Bringing Sony in brought not only a publisher and additional design resources–it also provided Haggett and Hogg with the missing piece of what Hohokum would turn out to be: Namely, a game rooted firmly in music.
“When we were first talking to Sony Santa Monica, I don’t think we realized that they had these amazing music resources,” Hogg says, “But that’s a big part of what they do, both in terms of composing music and also licensing music.”
Alex Hackford, who does A&R for Sony Computer Entertainment, sat down with Hogg and Haggett to talk about music that might feature in the game. “We sent him a link to this playlist we had made, and when we went out to see him we sat in his office, and he was sort of laughing at us: ‘You do realize that about half of the music on this playlist is all from the same record label, right?'” Hogg recalls. “Neither of us knew that. It turns out that I was quite a big fan of Matthew Dear, and Shigeto, and Michna, but I had no idea that they were all on the same record label. It sort of seemed like serendipity, really. So the obvious thing for him to say was, ‘I’m going to give them a ring and see what they say about getting involved with this game.'”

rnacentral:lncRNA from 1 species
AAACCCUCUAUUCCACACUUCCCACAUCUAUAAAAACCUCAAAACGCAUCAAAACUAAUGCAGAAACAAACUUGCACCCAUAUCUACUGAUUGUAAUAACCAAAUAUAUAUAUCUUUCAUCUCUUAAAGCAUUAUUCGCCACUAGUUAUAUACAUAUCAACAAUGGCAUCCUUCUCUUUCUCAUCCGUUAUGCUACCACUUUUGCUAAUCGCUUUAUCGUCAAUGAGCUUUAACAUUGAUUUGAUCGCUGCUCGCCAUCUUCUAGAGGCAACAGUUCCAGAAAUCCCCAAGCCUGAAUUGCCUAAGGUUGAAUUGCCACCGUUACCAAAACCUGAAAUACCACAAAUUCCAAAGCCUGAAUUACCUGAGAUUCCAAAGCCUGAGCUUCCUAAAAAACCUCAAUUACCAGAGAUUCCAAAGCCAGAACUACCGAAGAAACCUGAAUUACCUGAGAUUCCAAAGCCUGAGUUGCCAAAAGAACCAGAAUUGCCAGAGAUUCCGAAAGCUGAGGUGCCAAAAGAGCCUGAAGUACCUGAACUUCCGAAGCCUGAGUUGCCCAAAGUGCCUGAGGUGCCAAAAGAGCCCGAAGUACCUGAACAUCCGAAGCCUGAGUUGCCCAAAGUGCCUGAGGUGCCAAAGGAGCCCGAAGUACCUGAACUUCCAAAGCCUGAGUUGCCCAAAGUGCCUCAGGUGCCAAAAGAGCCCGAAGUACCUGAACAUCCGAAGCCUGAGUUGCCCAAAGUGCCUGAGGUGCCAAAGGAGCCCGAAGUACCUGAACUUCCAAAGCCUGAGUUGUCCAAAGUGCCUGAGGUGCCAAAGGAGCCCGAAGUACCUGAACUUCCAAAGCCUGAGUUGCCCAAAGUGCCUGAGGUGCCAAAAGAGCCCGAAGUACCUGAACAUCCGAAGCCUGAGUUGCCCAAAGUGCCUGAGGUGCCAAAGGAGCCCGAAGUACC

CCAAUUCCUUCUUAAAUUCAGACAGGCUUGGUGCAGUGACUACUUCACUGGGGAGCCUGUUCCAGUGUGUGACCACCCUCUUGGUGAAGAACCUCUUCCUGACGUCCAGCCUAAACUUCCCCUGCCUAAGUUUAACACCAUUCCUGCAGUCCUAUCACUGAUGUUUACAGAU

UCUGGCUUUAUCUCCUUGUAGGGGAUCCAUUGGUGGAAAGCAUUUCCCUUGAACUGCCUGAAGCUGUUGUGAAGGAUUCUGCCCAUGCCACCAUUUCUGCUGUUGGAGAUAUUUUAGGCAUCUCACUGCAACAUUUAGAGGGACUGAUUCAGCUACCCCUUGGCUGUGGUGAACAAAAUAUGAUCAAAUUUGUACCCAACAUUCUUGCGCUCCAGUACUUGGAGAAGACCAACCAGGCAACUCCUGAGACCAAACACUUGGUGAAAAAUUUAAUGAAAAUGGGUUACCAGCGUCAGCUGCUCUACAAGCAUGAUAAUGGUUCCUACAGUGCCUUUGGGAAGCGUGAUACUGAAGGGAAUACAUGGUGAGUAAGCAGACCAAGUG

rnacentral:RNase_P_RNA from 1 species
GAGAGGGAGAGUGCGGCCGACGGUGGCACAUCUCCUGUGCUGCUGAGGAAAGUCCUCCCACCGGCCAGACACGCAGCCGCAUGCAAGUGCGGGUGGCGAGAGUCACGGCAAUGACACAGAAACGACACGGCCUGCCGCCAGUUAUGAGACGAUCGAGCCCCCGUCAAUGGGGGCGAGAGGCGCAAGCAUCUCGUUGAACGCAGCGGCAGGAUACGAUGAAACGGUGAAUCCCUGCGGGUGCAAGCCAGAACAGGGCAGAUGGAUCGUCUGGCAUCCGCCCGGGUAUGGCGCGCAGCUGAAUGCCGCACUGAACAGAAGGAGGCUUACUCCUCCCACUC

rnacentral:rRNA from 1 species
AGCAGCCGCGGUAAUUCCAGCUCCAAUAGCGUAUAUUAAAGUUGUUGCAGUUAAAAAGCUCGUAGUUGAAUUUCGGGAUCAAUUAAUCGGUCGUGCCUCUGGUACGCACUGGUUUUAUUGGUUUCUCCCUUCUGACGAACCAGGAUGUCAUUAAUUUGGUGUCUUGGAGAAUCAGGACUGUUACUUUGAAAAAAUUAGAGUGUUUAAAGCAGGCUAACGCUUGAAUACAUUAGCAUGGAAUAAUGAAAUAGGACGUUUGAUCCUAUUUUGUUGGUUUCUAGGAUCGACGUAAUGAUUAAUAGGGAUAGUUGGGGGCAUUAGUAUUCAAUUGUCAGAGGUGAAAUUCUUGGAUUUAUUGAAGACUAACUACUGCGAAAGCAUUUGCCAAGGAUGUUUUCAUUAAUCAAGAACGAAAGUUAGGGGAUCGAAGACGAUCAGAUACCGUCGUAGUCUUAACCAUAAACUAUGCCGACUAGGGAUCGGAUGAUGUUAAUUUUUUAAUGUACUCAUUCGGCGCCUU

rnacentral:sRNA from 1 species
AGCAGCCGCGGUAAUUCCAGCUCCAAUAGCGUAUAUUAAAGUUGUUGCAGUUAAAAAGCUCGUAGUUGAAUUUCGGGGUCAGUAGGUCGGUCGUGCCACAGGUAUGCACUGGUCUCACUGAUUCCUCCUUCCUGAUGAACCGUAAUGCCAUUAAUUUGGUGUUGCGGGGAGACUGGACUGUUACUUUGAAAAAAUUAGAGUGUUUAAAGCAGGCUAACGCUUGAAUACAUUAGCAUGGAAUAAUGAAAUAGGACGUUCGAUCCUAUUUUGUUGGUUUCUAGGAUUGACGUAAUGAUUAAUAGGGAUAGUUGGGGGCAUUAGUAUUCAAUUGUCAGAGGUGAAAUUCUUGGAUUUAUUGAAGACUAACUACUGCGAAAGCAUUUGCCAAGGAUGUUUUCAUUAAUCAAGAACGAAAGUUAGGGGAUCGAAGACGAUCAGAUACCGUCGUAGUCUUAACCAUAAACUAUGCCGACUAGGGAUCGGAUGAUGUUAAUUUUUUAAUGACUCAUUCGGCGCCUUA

The label that serves as a home for Matthew Dear, Shigeto, Michna, and the other artists who appeared on Hogg’s playlist is the Ann Arbor-based Ghostly International. Ghostly’s director of creative licensing and business affairs, Jeremy Peters, recalls being contacted by Hackford.
“Alex from Sony’s team reached out to us and kind of pitched, ‘Hey, this is a weird idea–what about doing a soundtrack to an entire video game?’ It sounded like something that was not going to be easy, but would be awesome and would probably be fun. We were excited at the possibility of doing that and working with the team at Sony and Honeyslug to find the right artists out of our catalog to compose tracks for the soundtrack, and find pre-existing tracks that made sense to help build out the beautiful and engaging visual side of the game.”